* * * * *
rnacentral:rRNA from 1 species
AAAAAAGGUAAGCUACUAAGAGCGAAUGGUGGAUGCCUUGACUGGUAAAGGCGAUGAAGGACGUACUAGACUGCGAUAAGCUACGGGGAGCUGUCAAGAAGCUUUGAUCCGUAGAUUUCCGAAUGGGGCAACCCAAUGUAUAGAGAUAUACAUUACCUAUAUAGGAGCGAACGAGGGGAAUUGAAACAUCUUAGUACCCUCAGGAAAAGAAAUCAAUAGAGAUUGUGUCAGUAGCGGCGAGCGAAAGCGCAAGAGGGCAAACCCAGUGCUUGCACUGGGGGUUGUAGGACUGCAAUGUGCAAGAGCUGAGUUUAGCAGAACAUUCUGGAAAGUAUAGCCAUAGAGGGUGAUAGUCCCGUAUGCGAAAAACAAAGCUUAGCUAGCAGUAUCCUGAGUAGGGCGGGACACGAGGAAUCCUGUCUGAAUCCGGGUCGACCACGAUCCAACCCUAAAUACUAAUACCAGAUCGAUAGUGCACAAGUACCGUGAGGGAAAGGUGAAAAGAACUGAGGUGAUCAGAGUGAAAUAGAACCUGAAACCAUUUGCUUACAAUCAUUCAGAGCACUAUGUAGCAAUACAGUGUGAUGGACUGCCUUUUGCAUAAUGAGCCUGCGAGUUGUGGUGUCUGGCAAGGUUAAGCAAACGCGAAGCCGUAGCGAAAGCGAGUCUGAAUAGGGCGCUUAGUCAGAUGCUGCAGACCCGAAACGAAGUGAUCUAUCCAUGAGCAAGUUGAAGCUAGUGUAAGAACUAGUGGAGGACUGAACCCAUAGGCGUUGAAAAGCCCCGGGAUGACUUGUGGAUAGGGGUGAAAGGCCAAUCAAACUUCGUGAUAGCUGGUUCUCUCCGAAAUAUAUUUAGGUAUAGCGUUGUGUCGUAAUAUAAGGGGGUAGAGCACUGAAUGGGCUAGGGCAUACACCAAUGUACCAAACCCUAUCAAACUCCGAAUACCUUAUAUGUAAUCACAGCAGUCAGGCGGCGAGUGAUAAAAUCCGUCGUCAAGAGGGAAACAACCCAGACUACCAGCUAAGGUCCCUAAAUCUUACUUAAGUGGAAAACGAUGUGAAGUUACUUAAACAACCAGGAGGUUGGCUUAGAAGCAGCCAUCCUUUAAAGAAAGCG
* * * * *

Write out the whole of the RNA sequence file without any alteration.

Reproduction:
rnacentral:rRNA from 1 species
AAAAAAGGUAAGCUACUAAGAGCGAAUGGUGGAUGCCUUGACUGGUAAAGGCGAUGAAGGACGUACUAGACUGCGAUAAGCUACGGGGAGCUGUCAAGAAGCUUUGAUCCGUAGAUUUCCGAAUGGGGCAACCCAAUGUAUAGAGAUAUACAUUACCUAUAUAGGAGCGAACGAGGGGAAUUGAAACAUCUUAGUACCCUCAGGAAAAGAAAUCAAUAGAGAUUGUGUCAGUAGCGGCGAGCGAAAGCGCAAGAGGGCAAACCCAGUGCUUGCACUGGGGGUUGUAGGACUGCAAUGUGCAAGAGCUGAGUUUAGCAGAACAUUCUGGAAAGUAUAGCCAUAGAGGGUGAUAGUCCCGUAUGCGAAAAACAAAGCUUAGCUAGCAGUAUCCUGAGUAGGGCGGGACACGAGGAAUCCUGUCUGAAUCCGGGUCGACCACGAUCCAACCCUAAAUACUAAUACCAGAUCGAUAGUGCACAAGUACCGUGAGGGAAAGGUGAAAAGAACUGAGGUGAUCAGAGUGAAAUAGAACCUGAAACCAUUUGCUUACAAUCAUUCAGAGCACUAUGUAGCAAUACAGUGUGAUGGACUGCCUUUUGCAUAAUGAGCCUGCGAGUUGUGGUGUCUGGCAAGGUUAAGCAAACGCGAAGCCGUAGCGAAAGCGAGUCUGAAUAGGGCGCUUAGUCAGAUGCUGCAGACCCGAAACGAAGUGAUCUAUCCAUGAGCAAGUUGAAGCUAGUGUAAGAACUAGUGGAGGACUGAACCCAUAGGCGUUGAAAAGCCCCGGGAUGACUUGUGGAUAGGGGUGAAAGGCCAAUCAAACUUCGUGAUAGCUGGUUCUCUCCGAAAUAUAUUUAGGUAUAGCGUUGUGUCGUAAUAUAAGGGGGUAGAGCACUGAAUGGGCUAGGGCAUACACCAAUGUACCAAACCCUAUCAAACUCCGAAUACCUUAUAUGUAAUCACAGCAGUCAGGCGGCGAGUGAUAAAAUCCGUCGUCAAGAGGGAAACAACCCAGACUACCAGCUAAGGUCCCUAAAUCUUACUUAAGUGGAAAACGAUGUGAAGUUACUUAAACAACCAGGAGGUUGGCUUAGAAGCAGCCAUCCUUUAAAGAAAGCG